Glad they are watching out for us. Looks like their job is as difficult as mine.


Editor's Note: The supplier has become used to dealing with Melanie Sherman, and no one was hurt during the course of the above conversation. And, of course, thank you Melanie Sherman for sharing your post.

Friday, September 23, 2011

Fav quotes and a kitty on the math quiz

This week's discovery was a clever writer, Randal Houle, who gave us a couple of howls with the tweets about his son, including the one where Houle discloses that his kid drew Godzilla destroying some buildings on a test AND GOT FULL CREDIT!

Get full credit for your best quotes -- send 'em on in to 360 Convos. We're 'quoting' every Friday.

Here's our favorite quotes from the past seven days . . .

Sep 16
Twitter “It only takes having 12 crazy kids in my house to make me so thankful for my small family #happybirthdaykids,” Cheryl Bledsoe, celebrating the small things.

Sep 17
Twitter “My son wasn't sure about his answer on a math quiz, so he just drew a picture of a cat.” Randal Houle.
Sep 18
Twitter “Know artists by the pen marks on their hands and paint covered clothing. We're not dirty, just afraid to throw inspiration away.” @Schoolbound, from where apples get wet.
Sep 19
Blog“The beauty of community service...it doesn't require any special skill,” Laura Baverman (@laurabaverman)
Sep 20
Twitter“Why is coffee addictive? Because the coffee bean has a distinctive aroma that makes you forget how painful it is to be awake.” @Schoolbound.
Wed, Sep 21 Twitter “I got up this morning, turned off my alarm clock, circled the bed once and crawled back under the warm covers. #thankGodformoms. Schoolbound, from where apples get wet.
Thur, Sep 22 Twitter “Oh, to write on the novel or the new script? I like to dabble in too many things.” PL Anne Anderson, covering the gamut of a writers dilemma.

Thursday, September 22, 2011

Is Kindle the life raft of newspapers?

The newspaper built its reputation by writing the equivalent of a novella every day, printing it while we slept and delivering it to our door by the time we turned on the morning coffee pot.

Now, paper--as in the paper product--feels either like a luxury we can't afford, due to the cost of the tree it takes to print it, or the whole idea of a printed newspaper feels old-fashioned.

Fewer of us want an information push. We want information customization.

Fewer of us want to read a report of what happened at a meeting (read the minutes of any board meeting). We don't want verbatim, we want to know what it means.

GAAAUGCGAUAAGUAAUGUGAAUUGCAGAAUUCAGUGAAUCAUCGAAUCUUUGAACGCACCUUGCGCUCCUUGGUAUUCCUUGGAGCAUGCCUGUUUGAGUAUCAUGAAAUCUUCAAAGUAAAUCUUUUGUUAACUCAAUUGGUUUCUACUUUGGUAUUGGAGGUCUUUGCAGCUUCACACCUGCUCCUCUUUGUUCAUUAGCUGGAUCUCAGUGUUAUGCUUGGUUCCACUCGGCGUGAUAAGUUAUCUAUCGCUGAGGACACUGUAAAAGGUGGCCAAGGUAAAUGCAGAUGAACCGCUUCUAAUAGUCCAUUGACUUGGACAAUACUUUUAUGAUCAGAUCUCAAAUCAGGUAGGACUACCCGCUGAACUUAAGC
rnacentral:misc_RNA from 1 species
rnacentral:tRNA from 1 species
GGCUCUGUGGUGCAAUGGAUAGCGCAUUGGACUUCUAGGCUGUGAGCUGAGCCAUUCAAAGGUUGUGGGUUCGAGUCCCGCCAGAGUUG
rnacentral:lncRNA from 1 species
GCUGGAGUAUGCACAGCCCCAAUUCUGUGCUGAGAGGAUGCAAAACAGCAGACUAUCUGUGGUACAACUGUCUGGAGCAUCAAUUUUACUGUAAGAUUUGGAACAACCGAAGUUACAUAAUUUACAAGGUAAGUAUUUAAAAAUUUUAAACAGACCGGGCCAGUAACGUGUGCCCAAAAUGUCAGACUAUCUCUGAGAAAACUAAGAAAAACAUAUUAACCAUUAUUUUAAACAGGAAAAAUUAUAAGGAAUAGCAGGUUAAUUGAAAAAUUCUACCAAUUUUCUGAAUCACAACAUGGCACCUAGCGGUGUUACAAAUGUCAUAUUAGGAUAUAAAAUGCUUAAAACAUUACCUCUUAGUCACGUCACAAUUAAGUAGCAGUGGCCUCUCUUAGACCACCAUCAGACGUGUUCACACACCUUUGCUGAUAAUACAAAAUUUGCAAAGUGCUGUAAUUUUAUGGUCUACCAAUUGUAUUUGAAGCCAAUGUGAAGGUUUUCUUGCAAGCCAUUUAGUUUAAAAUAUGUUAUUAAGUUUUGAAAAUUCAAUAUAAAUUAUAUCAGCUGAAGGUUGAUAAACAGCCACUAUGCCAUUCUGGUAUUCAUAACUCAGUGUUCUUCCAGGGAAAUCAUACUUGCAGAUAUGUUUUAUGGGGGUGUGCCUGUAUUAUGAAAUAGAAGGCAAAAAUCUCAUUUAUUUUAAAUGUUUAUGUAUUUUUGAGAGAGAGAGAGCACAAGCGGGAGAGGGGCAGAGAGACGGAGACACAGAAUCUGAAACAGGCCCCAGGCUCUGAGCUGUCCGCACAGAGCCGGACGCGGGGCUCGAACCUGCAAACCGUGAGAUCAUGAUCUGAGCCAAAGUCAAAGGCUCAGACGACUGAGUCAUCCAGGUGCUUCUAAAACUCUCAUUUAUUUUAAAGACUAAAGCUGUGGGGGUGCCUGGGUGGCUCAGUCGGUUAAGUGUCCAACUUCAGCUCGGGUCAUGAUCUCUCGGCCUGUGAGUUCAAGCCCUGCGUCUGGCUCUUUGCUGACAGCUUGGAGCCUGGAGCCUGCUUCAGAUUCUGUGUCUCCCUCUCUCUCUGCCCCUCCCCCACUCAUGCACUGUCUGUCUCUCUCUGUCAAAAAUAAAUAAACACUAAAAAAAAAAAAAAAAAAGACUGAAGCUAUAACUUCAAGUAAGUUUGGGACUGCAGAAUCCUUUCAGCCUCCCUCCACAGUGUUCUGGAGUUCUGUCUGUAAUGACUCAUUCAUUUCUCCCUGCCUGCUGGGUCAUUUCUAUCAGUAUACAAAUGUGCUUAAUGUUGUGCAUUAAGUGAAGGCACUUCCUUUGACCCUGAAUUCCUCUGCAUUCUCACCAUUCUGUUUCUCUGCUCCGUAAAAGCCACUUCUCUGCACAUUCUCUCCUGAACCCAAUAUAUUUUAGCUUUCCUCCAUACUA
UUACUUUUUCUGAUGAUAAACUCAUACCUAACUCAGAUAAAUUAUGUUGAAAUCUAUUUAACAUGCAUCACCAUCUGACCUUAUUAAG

Newspapers are both the most objective voice in the community, and at the same time they harbor some of the most cynical (flip to the opinion section, or have a beer with a reporter).

Newspapers have the greatest reach in the community, bar none, and they are losing audience for the print product at a steady, tumbling pace that probably hasn't hit rock bottom.

That makes newspapers the biggest loser. On TV that makes you a winner. In real life, well, that remains to be seen.

For an industry that hasn't changed all that much in the last 400 years, with the exception of the entrance of the Internet, I wonder what would happen if tomorrow the paper wasn't delivered to my door. Would I be able to figure out where to buy groceries, where to eat for lunch, what's playing at the movie, what the next workshop at city hall is about, when the school board meets.

I wonder for about two seconds, because, of course, I can find all that information online.

What would happen if the newspaper was delivered, not to my doorstep, but to my Kindle? Would I feel differently about the newspaper, would I read it differently, would I connect with it differently, would I pass it along as easily as I forward an online link or place an open newspaper section on someone's desk?

In July, Geeky Gadget reported that "Amazon’s Kindle App now offers 100 newspaper and magazine subscriptions."

Is this the last throws of a drowning man splashing in the Internet pool, or a way for consumers to highlight, tag, and archive the content they want?

I wonder.

What are the top three newspaper publication dates that you would keep on your Kindle? 9/11, Obama Wins, the article of your kid?

Let me know -- I'm pondering at the crossroads.

Wednesday, September 21, 2011

Mobile payments: the money is stuck in my phone

I worked with a fellow who balked at creating a gmail account because he didn't want too many passwords out there (here's the post).

"It puts my bank account in danger," he explained.

My guess is, he still uses his cell to make phone calls.

My other guess is that the rest of us use our cell phones to check our gmail, listen to music, google the earth, check on our blogs, our twitter, our foursquare, our LinkedIn, our fitness plan, our stock prices, jot notes to ourselves, and record a voice message.

I shudder to think what my former co-worker will do when he discovers he will be making payments via his mobile phone.

According to a post on the Reflections of a Newsosaur, phones will replace currency and credit cards.